EUR 12,27
  • Tutti i prezzi includono l'IVA.
Spedizione gratuita per ordini sopra EUR 29.
Disponibilità immediata.
Venduto e spedito da Amazon. Confezione regalo disponibile.
Europe in the High Middle... è stato aggiunto al tuo carrello
Ne hai uno da vendere?
Passa al retro Passa al fronte
Ascolta Riproduzione in corso... In pausa   Stai ascoltando un campione dell'edizione audio udibile.
Maggiori informazioni
Visualizza tutte le 3 immagini

Europe in the High Middle Ages: The Penguin History of Europe (Inglese) Copertina flessibile – 1 ago 2002

Visualizza tutti i formati e le edizioni Nascondi altri formati ed edizioni
Prezzo Amazon
Nuovo a partire da Usato da
Formato Kindle
"Ti preghiamo di riprovare"
Copertina rigida
"Ti preghiamo di riprovare"
EUR 135,41 EUR 8,95
Copertina flessibile
"Ti preghiamo di riprovare"
EUR 12,27
EUR 7,88 EUR 11,77
Nota: Questo articolo può essere consegnato in un punto di ritiro. Dettagli
Ritira il tuo ordine dove e quando preferisci.
  • Scegli tra gli oltre 8.500 punti di ritiro in Italia
  • I clienti Prime beneficiano di consegne illimitate presso i punti di ritiro senza costi aggiuntivi
Come inviare un ordine presso un punto di ritiro Amazon.
  1. Trova il tuo punto di ritiro preferito ed aggiungilo alla tua rubrica degli indirizzi
  2. Indica il punto di ritiro in cui vuoi ricevere il tuo ordine nella pagina di conferma d’ordine
Maggiori informazioni
click to open popover

Descrizione prodotto


The Penguin History of Europe series ... is one of contemporary publishing's great projects (New Statesman)

With five volumes now out, the Penguin History of Europe series ... is shaping up to be the best general account available, superseding all previous ones (Economist)


William Chester Jordan is Professor of History at Princeton University and the author of THE GREAT FAMINE.

Non è necessario possedere un dispositivo Kindle. Scarica una delle app Kindle gratuite per iniziare a leggere i libri Kindle sul tuo smartphone, tablet e computer.

  • Apple
  • Android
  • Windows Phone

Per scaricare una app gratuita, inserisci il numero di cellulare.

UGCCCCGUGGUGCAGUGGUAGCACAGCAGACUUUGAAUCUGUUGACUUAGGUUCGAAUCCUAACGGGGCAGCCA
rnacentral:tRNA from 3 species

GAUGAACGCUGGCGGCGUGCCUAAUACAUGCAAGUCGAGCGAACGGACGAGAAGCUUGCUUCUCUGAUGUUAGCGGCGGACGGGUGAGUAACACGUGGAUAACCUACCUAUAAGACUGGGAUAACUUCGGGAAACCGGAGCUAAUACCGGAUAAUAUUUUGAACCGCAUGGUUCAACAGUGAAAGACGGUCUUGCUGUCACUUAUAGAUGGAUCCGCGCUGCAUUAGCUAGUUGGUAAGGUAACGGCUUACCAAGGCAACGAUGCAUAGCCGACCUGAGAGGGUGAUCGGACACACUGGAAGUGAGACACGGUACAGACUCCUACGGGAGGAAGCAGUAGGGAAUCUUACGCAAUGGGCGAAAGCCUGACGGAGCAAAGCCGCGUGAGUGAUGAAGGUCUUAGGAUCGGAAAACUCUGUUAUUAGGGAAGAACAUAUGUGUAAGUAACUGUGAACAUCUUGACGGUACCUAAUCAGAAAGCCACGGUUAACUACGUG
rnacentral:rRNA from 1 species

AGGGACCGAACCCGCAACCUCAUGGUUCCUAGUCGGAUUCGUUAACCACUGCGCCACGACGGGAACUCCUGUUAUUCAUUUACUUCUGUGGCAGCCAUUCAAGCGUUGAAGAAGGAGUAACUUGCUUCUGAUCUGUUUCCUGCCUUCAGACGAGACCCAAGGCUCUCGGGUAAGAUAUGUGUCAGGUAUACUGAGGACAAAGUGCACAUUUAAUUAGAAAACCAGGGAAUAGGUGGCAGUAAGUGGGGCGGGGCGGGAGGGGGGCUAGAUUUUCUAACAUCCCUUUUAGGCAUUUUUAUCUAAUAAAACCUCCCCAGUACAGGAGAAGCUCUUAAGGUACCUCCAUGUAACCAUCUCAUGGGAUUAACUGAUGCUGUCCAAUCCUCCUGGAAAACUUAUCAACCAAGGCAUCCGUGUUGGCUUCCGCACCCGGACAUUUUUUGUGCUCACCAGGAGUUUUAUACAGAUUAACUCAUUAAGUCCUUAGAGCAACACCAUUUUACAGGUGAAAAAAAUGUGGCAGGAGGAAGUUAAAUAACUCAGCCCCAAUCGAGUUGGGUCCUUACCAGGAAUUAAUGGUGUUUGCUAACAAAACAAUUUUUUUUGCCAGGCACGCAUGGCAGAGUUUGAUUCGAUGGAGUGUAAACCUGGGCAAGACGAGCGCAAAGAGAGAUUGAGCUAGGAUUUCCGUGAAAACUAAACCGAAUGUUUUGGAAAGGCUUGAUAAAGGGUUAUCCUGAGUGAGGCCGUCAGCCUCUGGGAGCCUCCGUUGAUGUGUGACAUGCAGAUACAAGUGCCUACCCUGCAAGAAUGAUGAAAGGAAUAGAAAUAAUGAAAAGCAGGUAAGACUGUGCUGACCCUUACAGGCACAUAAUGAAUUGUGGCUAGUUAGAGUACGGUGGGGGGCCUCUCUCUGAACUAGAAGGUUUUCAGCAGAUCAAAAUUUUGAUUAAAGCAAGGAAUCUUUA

Dettagli prodotto

Recensioni clienti

Non ci sono ancora recensioni di clienti su
5 stelle
4 stelle
3 stelle
2 stelle
1 stella

Le recensioni clienti più utili su (beta) 3.4 su 5 stelle 14 recensioni
41 di 42 persone hanno trovato utile la seguente recensione
3.0 su 5 stelle Good but incomplete 10 gennaio 2010
Di Amrit - Pubblicato su
Formato: Copertina flessibile
This is part of a multi-volume series covering the history of Europe from Classical times to the present day.The work provides a basic coverage of the era from about 1050 to 1250 CE. The main contours of Western European history are dealt with - and the focus is political history. There is a discussion of the events and processes underlying the consolidation of the power of the French and English monarchies and the failed attempts by the German Emperor to achieve the same thing. Unlike some earlier histories, there is also a fair coverage of the formation of Poland, Hungary and the Bohemian state. The role of the Church and Papacy in particular in the formation of Western Christendom also receives a good overview. In addition to the chapters addressing these subjects, there are separate chapters dedicated to intellectual life, art and architecture. There is a particularly good discussion of the impact of famine and plague that brings the period to a close. This indeed is an area of specialist expertise for the author.

The author however leaves out some important parts of the story. That the High Middle Ages represents an important period of growth and arguably is the era when Western Europe first developed a distinctive culture that stood as an equal to that of its neighbours cannot be doubted. The author sets out well enough a broad outline of the narrative of these developments but if you are interested in a deeper understanding of why this transformation occurred, the discussion does not go much further than the basic narrative. An end to raids by Vikings, Hungarians and Arabs, population growth, an expansion of agriculture, technological change such as the spread of the heavy plough, the development of trade and cities, the establishment of deep and durable connections with Islam and Byzantium all made their contributions to the transformation of Europe but any real discussion of how these factors worked to bring about that transformation and what were the most important is missing.